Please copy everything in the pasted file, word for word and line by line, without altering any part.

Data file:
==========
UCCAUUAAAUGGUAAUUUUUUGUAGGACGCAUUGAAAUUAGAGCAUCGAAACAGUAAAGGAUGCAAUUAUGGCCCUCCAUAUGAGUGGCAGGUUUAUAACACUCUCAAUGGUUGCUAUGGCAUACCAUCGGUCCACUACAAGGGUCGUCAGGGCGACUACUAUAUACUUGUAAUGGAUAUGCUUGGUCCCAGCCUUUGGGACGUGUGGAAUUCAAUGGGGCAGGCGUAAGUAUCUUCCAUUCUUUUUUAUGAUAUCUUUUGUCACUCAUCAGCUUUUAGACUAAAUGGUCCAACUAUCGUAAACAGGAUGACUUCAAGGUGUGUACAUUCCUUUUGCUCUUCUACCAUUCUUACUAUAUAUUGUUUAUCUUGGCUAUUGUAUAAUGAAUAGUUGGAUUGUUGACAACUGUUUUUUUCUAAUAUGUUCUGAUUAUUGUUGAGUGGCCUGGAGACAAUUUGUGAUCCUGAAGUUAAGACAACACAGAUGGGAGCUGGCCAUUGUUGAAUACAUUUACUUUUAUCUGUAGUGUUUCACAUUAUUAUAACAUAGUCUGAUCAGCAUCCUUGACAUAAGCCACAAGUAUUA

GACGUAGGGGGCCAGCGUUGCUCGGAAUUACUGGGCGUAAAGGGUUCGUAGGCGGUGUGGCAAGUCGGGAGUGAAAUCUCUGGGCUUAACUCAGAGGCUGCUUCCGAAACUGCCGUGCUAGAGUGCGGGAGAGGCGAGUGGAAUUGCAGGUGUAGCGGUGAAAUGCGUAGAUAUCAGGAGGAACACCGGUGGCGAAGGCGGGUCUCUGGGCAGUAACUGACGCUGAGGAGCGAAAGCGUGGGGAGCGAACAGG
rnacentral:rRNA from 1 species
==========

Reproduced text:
UCCAUUAAAUGGUAAUUUUUUGUAGGACGCAUUGAAAUUAGAGCAUCGAAACAGUAAAGGAUGCAAUUAUGGCCCUCCAUAUGAGUGGCAGGUUUAUAACACUCUCAAUGGUUGCUAUGGCAUACCAUCGGUCCACUACAAGGGUCGUCAGGGCGACUACUAUAUACUUGUAAUGGAUAUGCUUGGUCCCAGCCUUUGGGACGUGUGGAAUUCAAUGGGGCAGGCGUAAGUAUCUUCCAUUCUUUUUUAUGAUAUCUUUUGUCACUCAUCAGCUUUUAGACUAAAUGGUCCAACUAUCGUAAACAGGAUGACUUCAAGGUGUGUACAUUCCUUUUGCUCUUCUACCAUUCUUACUAUAUAUUGUUUAUCUUGGCUAUUGUAUAAUGAAUAGUUGGAUUGUUGACAACUGUUUUUUUCUAAUAUGUUCUGAUUAUUGUUGAGUGGCCUGGAGACAAUUUGUGAUCCUGAAGUUAAGACAACACAGAUGGGAGCUGGCCAUUGUUGAAUACAUUUACUUUUAUCUGUAGUGUUUCACAUUAUUAUAACAUAGUCUGAUCAGCAUCCUUGACAUAAGCCACAAGUAUUA

GACGUAGGGGGCCAGCGUUGCUCGGAAUUACUGGGCGUAAAGGGUUCGUAGGCGGUGUGGCAAGUCGGGAGUGAAAUCUCUGGGCUUAACUCAGAGGCUGCUUCCGAAACUGCCGUGCUAGAGUGCGGGAGAGGCGAGUGGAAUUGCAGGUGUAGCGGUGAAAUGCGUAGAUAUCAGGAGGAACACCGGUGGCGAAGGCGGGUCUCUGGGCAGUAACUGACGCUGAGGAGCGAAAGCGUGGGGAGCGAACAGG
rnacentral:rRNA from 1 species